Video Playlist: MSP talk tracks on how to handle objections like: "We don't spend that much on IT right now. We don't do long-term agreements. Who owns the hardware? We want to think about it."
Selling managed IT services is different than many other sales, but like any sales process, it comes with objections from prospects who are considering your services. Instead of shying away from objections, we encourage MSPs to anticipate and welcome them! These objections can spark more thorough conversations, and can be positive signs of engagement or interest from prospects. If handled well, it can increase your closing rate to winning your next managed services deal. In this blog, we share the 4 most common objections MSPs can expect when proposing their managed services offering and talk tracks to advance your sales.
Service Provider: I understand why you think that and you are partially right. Although I didn’t dig into your current IT expenses of what you did spend on parts, labor, license fees, etc.; let me show you what you have spent in other areas by not having our services. (Excessive Spending Slide in Proposal Presentation)
Service Provider: I understand. A lot of our current clients expressed similar concern before coming onboard with us. Their main fear was getting stuck with an IT company that wouldn’t deliver the level of service they promised when the agreement was first signed. Is that your concern as well?
Prospect: Yes, that’s exactly right.
Service Provider: You can rest assured that we have Termination for Cause within our agreement that simply states that if we fail to perform to the level we agreed to, and then you give us a written letter that states the issue and allow us 30 days to fix the problem. If we can’t, then we will let you out of the agreement.
Prospect: We have a strict policy to not sign any 3-year agreement.
Service Provider: We are going to be investing heavily in the early months of this agreement to get your network fully stable and on a safe and supportable technology stack. As a result, we need a minimum commitment in order to recoup this initial investment. That said, we can sign up for a year at a time. The only difference is we will be increasing the monthly price by 20%.
Service Provider: We own the equipment
Prospect: We would like to see the option where we own the equipment
Service Provider: Ok, I understand. If you wish to make the necessary investment of $XXXXX then that would lower your monthly amount to $XXXX per month. Now, there are definitely some advantages by having us own the equipment. First off, this entire agreement can be written off as an operating expense vs. a capital expenses. Second, every three years, our company will refresh the equipment with whatever is new on the market to ensure that we never find ourselves with a network in this bad shape again. And third, all Microsoft licensing will be upgraded at no extra charge as new versions come out. So, as you can see the benefits far outweigh the extra $XXX you would save.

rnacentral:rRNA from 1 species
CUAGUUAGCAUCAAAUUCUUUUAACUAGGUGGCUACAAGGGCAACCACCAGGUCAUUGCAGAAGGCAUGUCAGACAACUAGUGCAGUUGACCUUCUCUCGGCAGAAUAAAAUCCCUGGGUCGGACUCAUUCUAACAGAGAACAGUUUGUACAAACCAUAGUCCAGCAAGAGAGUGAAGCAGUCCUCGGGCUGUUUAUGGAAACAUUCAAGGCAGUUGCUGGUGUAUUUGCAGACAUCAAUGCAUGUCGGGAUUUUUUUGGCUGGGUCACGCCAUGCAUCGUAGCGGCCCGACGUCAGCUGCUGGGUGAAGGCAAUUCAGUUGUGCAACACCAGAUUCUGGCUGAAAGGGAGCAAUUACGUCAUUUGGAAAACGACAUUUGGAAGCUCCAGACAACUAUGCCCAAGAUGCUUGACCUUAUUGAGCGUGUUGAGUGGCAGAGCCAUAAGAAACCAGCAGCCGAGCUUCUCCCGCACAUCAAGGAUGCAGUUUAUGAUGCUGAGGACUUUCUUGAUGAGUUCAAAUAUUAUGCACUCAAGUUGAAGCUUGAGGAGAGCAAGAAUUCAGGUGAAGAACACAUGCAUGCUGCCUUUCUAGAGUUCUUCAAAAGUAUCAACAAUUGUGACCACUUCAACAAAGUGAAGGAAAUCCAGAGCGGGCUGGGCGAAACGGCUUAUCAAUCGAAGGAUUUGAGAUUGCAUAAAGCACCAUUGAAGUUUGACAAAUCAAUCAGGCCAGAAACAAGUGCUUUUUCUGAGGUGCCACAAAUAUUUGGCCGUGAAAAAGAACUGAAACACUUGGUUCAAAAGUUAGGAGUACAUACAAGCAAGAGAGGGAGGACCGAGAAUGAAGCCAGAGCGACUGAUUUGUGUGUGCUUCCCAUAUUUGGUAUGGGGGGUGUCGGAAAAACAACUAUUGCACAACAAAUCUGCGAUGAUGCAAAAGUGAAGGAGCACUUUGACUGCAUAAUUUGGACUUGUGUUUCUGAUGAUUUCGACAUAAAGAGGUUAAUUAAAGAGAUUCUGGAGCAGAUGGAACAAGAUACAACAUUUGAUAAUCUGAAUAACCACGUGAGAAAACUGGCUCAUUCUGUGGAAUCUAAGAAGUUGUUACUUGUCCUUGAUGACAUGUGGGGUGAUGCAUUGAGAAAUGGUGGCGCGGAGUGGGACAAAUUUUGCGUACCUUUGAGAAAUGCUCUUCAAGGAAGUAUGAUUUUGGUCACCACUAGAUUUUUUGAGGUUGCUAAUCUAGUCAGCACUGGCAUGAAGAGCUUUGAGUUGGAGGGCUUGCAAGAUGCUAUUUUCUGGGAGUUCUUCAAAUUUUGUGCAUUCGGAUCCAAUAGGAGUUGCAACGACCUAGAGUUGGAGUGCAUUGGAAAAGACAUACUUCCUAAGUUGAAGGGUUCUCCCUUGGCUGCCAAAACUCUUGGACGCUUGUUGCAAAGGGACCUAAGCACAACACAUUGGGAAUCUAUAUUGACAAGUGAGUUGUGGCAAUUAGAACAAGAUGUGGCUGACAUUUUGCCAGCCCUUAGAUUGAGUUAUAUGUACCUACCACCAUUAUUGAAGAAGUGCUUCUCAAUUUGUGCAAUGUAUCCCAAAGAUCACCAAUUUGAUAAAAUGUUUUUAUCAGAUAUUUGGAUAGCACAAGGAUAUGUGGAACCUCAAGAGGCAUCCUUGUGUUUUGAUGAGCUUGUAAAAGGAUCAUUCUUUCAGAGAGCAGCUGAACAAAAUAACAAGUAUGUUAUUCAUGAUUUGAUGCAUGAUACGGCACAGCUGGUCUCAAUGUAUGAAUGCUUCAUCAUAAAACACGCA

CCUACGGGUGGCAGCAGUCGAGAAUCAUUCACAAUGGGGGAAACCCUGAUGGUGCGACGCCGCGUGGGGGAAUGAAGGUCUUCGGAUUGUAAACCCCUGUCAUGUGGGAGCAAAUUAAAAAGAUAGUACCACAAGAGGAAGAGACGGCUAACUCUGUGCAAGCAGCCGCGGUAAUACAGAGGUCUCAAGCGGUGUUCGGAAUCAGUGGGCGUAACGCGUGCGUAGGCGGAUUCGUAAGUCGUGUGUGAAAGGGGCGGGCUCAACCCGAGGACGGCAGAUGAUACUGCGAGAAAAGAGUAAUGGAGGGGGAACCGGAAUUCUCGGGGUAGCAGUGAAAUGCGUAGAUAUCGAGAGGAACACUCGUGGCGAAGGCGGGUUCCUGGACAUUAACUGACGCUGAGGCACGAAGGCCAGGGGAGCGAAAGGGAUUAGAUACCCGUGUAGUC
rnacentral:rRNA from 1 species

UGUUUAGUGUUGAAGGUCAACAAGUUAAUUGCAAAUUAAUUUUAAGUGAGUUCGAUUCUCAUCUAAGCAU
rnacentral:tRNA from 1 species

Service Provider: I understand you need some time to talk amongst yourselves on the challenges we uncovered for you. Just to be clear, are we OK with the proposed solution for supporting your company? (Pie Chart Slide in Proposal Presentation)
Service Provider: Ok great. How about the new proposed network we engineered for you? Are there any questions on this or are we good? (Technical Solution in Proposal Presentation)
Service Provider: Ok, so it is safe to say that we need to think about the monthly investment, which I completely understand and obviously having myself in the room is the conflict. So might I suggest I step outside of the room for 20 minutes to give you the time to discuss amongst yourselves, or shall we set up another time to meet again and answer any questions??
Prospect: Let’s set up another time!
Service Provider: Ok great. I am open [date/time]. I will send you the invite, unless another date is better?
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Hannah O'Donnell, Director of Sales, is responsible for building the strategic vision for sales and marketing while providing business planning, education, training, and sales assistance to partners. She is also responsible for originating new partnerships for Collabrance. She was recognized as one of Women of the Channel by CRN, a brand of The Channel Company in 2019 and 2020. Hannah started at Collabrance in 2013 as a Strategic Business Advisor. In 2014, Hannah was nominated by her peers and won Rookie of the Year, and in 2015 became a member of the 100% Sales Achievement Club at GreatAmerica. Hannah earned her business degree in Marketing and Management Information Systems from the University of Iowa.